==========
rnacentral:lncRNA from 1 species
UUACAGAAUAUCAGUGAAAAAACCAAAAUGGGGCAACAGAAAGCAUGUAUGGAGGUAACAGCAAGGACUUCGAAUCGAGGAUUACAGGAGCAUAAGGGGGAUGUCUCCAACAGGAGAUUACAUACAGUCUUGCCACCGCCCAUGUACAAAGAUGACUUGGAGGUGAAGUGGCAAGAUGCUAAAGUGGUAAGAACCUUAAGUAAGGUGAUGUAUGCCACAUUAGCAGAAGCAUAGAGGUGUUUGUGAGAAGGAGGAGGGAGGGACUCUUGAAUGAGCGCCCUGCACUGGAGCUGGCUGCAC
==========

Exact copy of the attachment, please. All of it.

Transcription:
rnacentral:lncRNA from 1 species
UUACAGAAUAUCAGUGAAAAAACCAAAAUGGGGCAACAGAAAGCAUGUAUGGAGGUAACAGCAAGGACUUCGAAUCGAGGAUUACAGGAGCAUAAGGGGGAUGUCUCCAACAGGAGAUUACAUACAGUCUUGCCACCGCCCAUGUACAAAGAUGACUUGGAGGUGAAGUGGCAAGAUGCUAAAGUGGUAAGAACCUUAAGUAAGGUGAUGUAUGCCACAUUAGCAGAAGCAUAGAGGUGUUUGUGAGAAGGAGGAGGGAGGGACUCUUGAAUGAGCGCCCUGCACUGGAGCUGGCUGCAC